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SBL9 GE Motor and Reverse Drum wiring issues.

Kevin5150

Plastic
Joined
Jun 12, 2024
Location
Winters Ca
Hi Guy's I'm new to the site and have only had my SB9 for about 2yrs now. When I first got the lathe I tore it down, cleaned and went through everything, painted, polished and replaced the wicks and felts as well as I did thrush bearings on the main shaft and swapped the old dry leather belt for a serpentine as well as built a decent table for it all to mount to. The lath works great and came with tons of equipment but in order to get it going I need to pull the belt as I flip the forward/reverse switch and I read somewhere on here that it is a wiring issue.

So after a lot of searching and hours of going down some great rabbit holes the big issue I have is the (4) leads that come out of my motor. All (4) are labeled but not 1,2,3,4. Mine have the alum tag on each wire but are labeled 1,4,5,8. Has anyone else come across this or can someone explain how to check for pairs or what ever? Your experience and guidance is greatly appreciated. Also the drum switch is the 789 model.

Thank you in advance for any help or direction that you can provide.

Kevin
Winters Ca.
 

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Sounds as though the start winding in the motor is not being connected through the drum switch. The numbers on the leads don't have any real significance in a general sense. It's what they hook to in the motor that matters. The little tag inside the terminal space of the motor will usually say which two leads have to be reversed to change direction. Those are the leads to the start winding. The get reversed by the drum switch to change rotation direction.
 
Unfortunately it does not give the reversing wires and if it did they don’t have colors that are traceable. I need to try and figure out how to ohm test them.
 

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So I found the pairs and ended up swapping the #8 and #5 and it started up great, forward and reverse but only about 5-8 times. Then it was back to me needing to hand start the belt before hitting the switch. Guess it is time to start looking for a new motor set up.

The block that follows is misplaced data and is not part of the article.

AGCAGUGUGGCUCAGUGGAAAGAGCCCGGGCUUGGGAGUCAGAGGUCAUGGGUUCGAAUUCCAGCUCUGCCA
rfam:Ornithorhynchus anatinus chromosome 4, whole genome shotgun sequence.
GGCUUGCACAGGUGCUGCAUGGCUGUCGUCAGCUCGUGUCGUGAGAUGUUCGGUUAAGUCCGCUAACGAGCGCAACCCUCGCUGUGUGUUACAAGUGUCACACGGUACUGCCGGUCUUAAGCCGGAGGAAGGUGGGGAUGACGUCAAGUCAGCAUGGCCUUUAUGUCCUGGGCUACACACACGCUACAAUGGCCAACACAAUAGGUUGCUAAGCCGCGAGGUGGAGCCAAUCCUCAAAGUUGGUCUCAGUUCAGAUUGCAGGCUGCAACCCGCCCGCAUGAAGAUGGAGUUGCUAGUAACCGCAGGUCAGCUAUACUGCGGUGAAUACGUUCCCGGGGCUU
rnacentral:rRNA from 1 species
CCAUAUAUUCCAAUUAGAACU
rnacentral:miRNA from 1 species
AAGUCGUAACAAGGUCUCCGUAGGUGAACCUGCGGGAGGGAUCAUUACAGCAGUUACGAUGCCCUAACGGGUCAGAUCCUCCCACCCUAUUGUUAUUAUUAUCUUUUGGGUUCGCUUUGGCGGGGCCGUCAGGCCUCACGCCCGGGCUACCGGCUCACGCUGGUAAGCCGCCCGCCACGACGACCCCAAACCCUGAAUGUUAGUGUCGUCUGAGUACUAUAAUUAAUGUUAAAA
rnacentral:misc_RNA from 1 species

I thought about that but was under the impression that the capacitor was for reverse breaking or something, is this not correct? That would be great if it is that simple. If not I may go with a new set up with VFD.
Thank you
 
In general for most typical single phase motors used on shop equipment, the capacitor is used during the starting of the motor. It helps increase starting torque and reduce the starting current.

It's possible you have a bad capacitor. It's also possible that you've got some corroded contacts in the starting switch itself. Unfortunately, to get to those contacts most of the time you have to pull the end bell off the motor at the terminal end. Once you get in to them, they can be cleaned with a bit of fine sandpaper just like most other contact points.
 
Well when I got home last night my SB9 started up just fine several times, I then used the lathe for a few minutes and it would no longer self start. So I pulled the start cap and will pick up a new one today. The current one is a Vanguard BC-340 M-165, I'll see what's available at a local motor repair shop here in S.F. and go from there. I'll report back after I get the new one installed.
Thanks guys.
 

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Ya may be able to find a cap at a Air Conditioning repair place or even a Well driller . Gotta be a couple of them @ WInters
animal